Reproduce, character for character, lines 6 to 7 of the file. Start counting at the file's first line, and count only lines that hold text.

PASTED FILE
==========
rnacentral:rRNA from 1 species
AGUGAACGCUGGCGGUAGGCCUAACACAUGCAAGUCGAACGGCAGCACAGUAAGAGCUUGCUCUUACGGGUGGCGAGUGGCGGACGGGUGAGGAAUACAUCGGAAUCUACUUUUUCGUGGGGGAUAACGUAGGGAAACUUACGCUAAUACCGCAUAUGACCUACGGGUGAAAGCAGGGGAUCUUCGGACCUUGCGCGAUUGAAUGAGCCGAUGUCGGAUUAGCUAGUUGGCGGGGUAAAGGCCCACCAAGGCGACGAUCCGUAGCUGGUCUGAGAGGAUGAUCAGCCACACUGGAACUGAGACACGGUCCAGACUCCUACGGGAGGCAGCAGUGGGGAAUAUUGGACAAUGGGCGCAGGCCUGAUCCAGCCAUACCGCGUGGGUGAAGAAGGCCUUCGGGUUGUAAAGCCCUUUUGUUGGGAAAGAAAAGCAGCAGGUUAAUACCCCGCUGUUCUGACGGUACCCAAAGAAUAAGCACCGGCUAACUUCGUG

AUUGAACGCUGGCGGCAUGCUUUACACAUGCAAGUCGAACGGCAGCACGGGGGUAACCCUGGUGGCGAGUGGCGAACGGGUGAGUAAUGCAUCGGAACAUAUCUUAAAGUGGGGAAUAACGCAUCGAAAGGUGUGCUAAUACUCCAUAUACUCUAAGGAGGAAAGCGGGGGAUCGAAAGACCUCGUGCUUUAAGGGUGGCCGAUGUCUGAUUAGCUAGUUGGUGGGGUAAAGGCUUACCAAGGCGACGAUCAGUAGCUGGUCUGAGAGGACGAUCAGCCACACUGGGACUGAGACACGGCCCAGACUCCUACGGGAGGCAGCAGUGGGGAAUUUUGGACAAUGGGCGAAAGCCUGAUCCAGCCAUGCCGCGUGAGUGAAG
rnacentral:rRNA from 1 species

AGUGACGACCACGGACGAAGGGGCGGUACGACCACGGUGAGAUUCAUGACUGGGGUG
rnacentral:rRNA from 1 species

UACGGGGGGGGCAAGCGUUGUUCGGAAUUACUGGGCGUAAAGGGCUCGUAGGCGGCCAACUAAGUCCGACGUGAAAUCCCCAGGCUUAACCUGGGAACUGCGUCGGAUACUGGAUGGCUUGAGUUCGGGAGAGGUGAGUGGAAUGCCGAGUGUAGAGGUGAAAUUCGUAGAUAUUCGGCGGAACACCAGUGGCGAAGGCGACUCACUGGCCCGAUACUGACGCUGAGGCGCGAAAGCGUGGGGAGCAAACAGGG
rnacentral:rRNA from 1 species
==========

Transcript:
rnacentral:rRNA from 1 species

UACGGGGGGGGCAAGCGUUGUUCGGAAUUACUGGGCGUAAAGGGCUCGUAGGCGGCCAACUAAGUCCGACGUGAAAUCCCCAGGCUUAACCUGGGAACUGCGUCGGAUACUGGAUGGCUUGAGUUCGGGAGAGGUGAGUGGAAUGCCGAGUGUAGAGGUGAAAUUCGUAGAUAUUCGGCGGAACACCAGUGGCGAAGGCGACUCACUGGCCCGAUACUGACGCUGAGGCGCGAAAGCGUGGGGAGCAAACAGGG